5. qazse Says:

    Stimulating discussion.

    “My philosophy is: I eat what I’m willing to kill. I am willing to pluck a carrot from the ground; I am unwilling to pluck a chicken.” Love it.

    Regarding your original question, we keep a chart on the kitchen bulletin board that indicates which fruits and vegetables are most likely to have contamination and which are least likely. We cut it out of the Nutrition Action Newsletter. It helps us to make buying decisions. For example, we always buy organic lettuce, spinach, and strawberries no matter where they came from as long as they are from the U.S. However, we buy broccoli, cabbage, and onions locally – even if non organic (given the choice we go organic). I know this is a compromise, but it allows us to support local and organic without jeopardizing our family food supply.

    Also, we planted a garden this spring and look forward to its clean and tasty bounty.

    We live in Pennsylvania but love Vermont. The best large grocery store I have ever been to is the City Market in Burlington. To me it is a vacation destination.


  6. DD Says:

    Sara: how would ethics come into play if I were to eat an animal that had died of natural causes? Clearly, it would not. Thus, arguing against meat-eating on ethical grounds does not follow. Arguing against killing other animals on ethical grounds is another matter, but dietary choice is not a necessary component of that argument.

    Also, unless you possess some unique data, science shows us to be omnivorous.

  7. Mardé Says:

    In Maine it appears that we have an excess population of deer even though the state is highly gun and hunter oriented. Not clear what the reasons for this excess are ultimately due to, but it’s not a good thing for us or the deer, in my opinion, especially considering ticks and Lyme disease. Even though I don’t hunt myself, I have a respect for the hunters, although there are some that surely exceed normal bounds and precautions. So I guess what I’m trying to say here is that, given the (necessary?) encroachments of humans into the natural preserves of animals, it may be realistic to “weed out” certain animal groups. Oh well, pretty wimpy argument I suppose but that’s my less that two cents on this peripheral topic to the main one — to spray or not to spray — under discussion.

  8. mindserased Says:

    Sara, I understand your point about raising an animal/raising a child. I know where you’re going with that. I’m pickin’ up what you’re puttin’ down about “as we treat animals, so goes how we treat each other” etc. etc.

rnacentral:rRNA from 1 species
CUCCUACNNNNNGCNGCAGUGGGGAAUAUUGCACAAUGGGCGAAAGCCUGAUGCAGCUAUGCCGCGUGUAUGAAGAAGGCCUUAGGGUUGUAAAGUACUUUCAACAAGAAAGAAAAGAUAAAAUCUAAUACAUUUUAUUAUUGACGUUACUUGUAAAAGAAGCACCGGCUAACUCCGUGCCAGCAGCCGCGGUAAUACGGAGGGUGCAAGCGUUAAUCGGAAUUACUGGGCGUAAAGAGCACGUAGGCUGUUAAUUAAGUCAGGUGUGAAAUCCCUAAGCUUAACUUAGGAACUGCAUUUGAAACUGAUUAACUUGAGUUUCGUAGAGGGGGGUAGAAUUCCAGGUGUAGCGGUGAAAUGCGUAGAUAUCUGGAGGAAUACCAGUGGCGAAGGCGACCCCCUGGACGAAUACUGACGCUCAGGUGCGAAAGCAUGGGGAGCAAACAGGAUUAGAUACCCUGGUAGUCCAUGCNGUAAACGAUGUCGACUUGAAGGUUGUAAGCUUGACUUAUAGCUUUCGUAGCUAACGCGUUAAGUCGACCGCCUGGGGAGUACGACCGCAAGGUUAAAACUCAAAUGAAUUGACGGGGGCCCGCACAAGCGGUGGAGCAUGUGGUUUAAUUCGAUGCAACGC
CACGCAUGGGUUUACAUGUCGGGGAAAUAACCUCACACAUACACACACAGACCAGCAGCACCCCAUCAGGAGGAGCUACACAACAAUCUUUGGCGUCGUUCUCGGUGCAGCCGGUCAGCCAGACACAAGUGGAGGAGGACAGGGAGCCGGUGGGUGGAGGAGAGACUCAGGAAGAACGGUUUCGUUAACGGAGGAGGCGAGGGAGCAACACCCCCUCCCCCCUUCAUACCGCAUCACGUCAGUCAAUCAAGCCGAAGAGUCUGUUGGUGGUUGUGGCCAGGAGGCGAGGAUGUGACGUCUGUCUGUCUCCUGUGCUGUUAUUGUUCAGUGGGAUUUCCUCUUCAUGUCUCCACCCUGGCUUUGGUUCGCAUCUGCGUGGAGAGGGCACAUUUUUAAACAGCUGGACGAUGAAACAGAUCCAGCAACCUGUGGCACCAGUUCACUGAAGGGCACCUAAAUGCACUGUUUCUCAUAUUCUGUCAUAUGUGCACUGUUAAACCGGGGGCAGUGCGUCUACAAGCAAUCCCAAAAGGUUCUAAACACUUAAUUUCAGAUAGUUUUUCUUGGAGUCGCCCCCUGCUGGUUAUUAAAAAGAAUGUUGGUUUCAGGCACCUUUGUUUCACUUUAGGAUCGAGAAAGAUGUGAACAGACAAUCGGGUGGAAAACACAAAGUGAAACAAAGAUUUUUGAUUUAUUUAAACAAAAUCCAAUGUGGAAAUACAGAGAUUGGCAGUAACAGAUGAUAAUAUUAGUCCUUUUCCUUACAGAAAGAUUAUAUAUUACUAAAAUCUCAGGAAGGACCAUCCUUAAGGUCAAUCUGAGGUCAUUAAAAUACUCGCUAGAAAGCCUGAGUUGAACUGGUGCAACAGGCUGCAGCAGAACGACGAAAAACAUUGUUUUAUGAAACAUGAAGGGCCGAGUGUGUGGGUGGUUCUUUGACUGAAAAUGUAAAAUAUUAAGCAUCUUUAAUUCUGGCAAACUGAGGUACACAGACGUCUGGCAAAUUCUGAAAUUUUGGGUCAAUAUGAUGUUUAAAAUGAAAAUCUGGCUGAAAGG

My *personal* belief about all sentient beings (which I will not go into at length here) was and is my primary reason for not eating meat (not to mention the kick-ass health benefits); however, as I’ve said, I really don’t have a problem with farm raised meat. I know there is much debate about whether or not the vegetarian diet is what humans are “meant” to follow. But diet is such a subjective thing – personally, I know what is right for me; I don’t presume to know what’s right for the next guy. So, I suppose you could say that I’m a libertarian vegetarian. Heh. I know this discussion has gotten a bit off topic, but such is the way of blogging, and it’s very interesting.

    Qazse – I also have been to the City Market in Burlington, and it is really great.

    Marde – If humans hadn’t believed all the stories we’ve heard for many generations about the “big bad wolf” and hunted them to near extinction and thereby fucking up the predator/prey balance in the first place, then we wouldn’t NEED the Department of Wildlife Management to issue hunting licenses to blood-thirsty trigger-happy humans to help “manage deer populations”.

  9. Mardé Says:

    Well, OK, Minds. I didn’t mean to stir you up. You certainly are right about the “big bad wolf” myth. And yes, our human culture has caused this horrible imbalance which now we find needs to be corrected. The Native Americans were able to live with the wild animals and respected them even as they killed them for food. Yes, that was a heck of a lot better than the way it’s done now. I don’t care for this Maine hunter/gun culture at all, either. It sure is awfully ingrown here. Peace.

  10. […] 20, 2009 Let me preface this post with a little bit about myself (although I’ve touched on this before):  I am a vegan, which means I do not eat any animal products whatsoever.  No meat, no dairy, […]